Hong Kong (CNN Business)Mutual blame over the coronavirus pandemic has reignited tensions between the United States and China, threatening to break what was already a fragile truce on trade between the world’s biggest economies.
But the pandemic has left the global economy in a much more precarious position than it was when the two countries began sparring over trade two years ago. And neither can afford the damage another full-blown trade war would inflict.
The virus has weighed heavily on both countries, plunging their economies into the deepest contractions for decades and destroying tens of millions of jobs. And while China, at least, has claimed that it is past the worst of the pandemic, the world is still far from a meaningful recovery.
Which makes President Donald Trump’s recent threat of new tariffs on China — and suggestions from Beijing that it could counter with other, dramatic punitive actions — all the more troubling.
“Clearly, the timing of renewed trade tension could not be worse,” wrote economists from S&P Global Ratings in a research note earlier this month. “The threat of higher tariffs and the intensifying technology cold war could yet disrupt technology trade and investment, de-powering what still promises to be an engine for recovery in 2020.”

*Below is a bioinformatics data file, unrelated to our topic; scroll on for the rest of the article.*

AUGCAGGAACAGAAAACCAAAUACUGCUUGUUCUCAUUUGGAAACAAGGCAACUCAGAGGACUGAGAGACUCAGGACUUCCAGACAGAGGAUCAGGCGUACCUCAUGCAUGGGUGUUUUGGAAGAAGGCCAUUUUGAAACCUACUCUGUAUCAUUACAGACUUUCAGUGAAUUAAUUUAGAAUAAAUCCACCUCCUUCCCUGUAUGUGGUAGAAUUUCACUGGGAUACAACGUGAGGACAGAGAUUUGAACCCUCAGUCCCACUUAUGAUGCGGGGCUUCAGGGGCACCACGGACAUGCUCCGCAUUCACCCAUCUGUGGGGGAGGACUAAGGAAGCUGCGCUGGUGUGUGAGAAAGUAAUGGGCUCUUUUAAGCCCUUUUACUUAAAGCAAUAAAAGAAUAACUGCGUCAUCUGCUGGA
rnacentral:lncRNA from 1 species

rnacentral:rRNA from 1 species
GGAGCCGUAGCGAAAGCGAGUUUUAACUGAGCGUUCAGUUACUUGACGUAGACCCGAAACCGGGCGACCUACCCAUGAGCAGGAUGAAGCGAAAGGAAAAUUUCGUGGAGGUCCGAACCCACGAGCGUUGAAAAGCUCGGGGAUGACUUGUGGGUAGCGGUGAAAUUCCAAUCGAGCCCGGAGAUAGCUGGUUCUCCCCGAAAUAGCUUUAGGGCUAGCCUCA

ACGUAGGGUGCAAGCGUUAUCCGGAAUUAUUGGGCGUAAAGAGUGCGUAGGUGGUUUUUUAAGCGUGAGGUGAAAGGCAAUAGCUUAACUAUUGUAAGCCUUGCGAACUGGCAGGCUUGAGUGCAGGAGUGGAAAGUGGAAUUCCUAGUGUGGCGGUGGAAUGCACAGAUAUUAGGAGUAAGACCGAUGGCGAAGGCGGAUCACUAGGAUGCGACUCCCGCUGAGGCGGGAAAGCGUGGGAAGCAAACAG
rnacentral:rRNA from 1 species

Unrealistic terms now made impossible
Even before the coronavirus outbreak became a pandemic, the trade ceasefire between the United States and China was fragile at best.
A “phase one” deal reached in January only reduced some of the tariffs each side had placed on the other, while allowing Beijing to avoid additional taxes on almost $160 billion worth of goods. China also committed to buying an additional $200 billion of US goods and services this year and next.
That would have been a tall order without the virus-induced slowdown: The value of that commitment was more than China was importing annually before the trade war started, and analysts in January called the deal “highly challenging” unless China made sacrifices elsewhere.
“The targets for purchases in the phase one deal were always unrealistic, and now they are impossible,” said David Dollar, a Washington-based senior fellow at the Brookings Institution’s John L. Thornton China Center.
According to the S&P economists, China would have had to increase its
imports more than 6% each month for two years to honor the terms of the deal. Instead, US imports fell 6% during the first four months of 2020.
“With consumer demand down in the Chinese economy, it’s unlikely that Beijing will be able to commit to buying a lot more American goods,” said Alex Capri, a trade scholar and visiting senior fellow at the National University of Singapore Business School. “Or, if they do commit … they will renege later” because of the lack of demand.